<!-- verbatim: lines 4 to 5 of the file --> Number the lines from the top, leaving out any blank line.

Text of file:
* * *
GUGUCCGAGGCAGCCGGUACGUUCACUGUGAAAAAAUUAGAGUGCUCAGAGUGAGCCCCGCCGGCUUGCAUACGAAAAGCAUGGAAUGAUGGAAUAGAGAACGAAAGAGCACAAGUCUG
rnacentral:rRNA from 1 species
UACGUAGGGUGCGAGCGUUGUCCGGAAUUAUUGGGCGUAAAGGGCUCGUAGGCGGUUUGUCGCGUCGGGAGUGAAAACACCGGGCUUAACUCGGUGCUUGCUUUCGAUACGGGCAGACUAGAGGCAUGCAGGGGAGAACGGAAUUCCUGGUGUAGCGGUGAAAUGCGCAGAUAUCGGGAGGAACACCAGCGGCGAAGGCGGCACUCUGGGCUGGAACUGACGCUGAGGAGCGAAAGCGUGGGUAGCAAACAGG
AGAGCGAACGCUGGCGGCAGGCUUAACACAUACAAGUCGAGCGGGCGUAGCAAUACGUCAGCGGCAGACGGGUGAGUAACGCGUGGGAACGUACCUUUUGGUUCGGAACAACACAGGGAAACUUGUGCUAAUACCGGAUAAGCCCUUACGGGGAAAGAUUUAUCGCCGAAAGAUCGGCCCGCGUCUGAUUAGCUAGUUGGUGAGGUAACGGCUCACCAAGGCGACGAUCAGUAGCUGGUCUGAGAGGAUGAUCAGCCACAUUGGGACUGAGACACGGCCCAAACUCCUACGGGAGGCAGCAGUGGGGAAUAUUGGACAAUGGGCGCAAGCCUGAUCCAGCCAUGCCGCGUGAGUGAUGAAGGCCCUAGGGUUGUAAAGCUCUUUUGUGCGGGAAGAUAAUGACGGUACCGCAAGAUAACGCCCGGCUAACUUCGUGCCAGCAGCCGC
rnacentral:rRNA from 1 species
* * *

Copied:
AGAGCGAACGCUGGCGGCAGGCUUAACACAUACAAGUCGAGCGGGCGUAGCAAUACGUCAGCGGCAGACGGGUGAGUAACGCGUGGGAACGUACCUUUUGGUUCGGAACAACACAGGGAAACUUGUGCUAAUACCGGAUAAGCCCUUACGGGGAAAGAUUUAUCGCCGAAAGAUCGGCCCGCGUCUGAUUAGCUAGUUGGUGAGGUAACGGCUCACCAAGGCGACGAUCAGUAGCUGGUCUGAGAGGAUGAUCAGCCACAUUGGGACUGAGACACGGCCCAAACUCCUACGGGAGGCAGCAGUGGGGAAUAUUGGACAAUGGGCGCAAGCCUGAUCCAGCCAUGCCGCGUGAGUGAUGAAGGCCCUAGGGUUGUAAAGCUCUUUUGUGCGGGAAGAUAAUGACGGUACCGCAAGAUAACGCCCGGCUAACUUCGUGCCAGCAGCCGC
rnacentral:rRNA from 1 species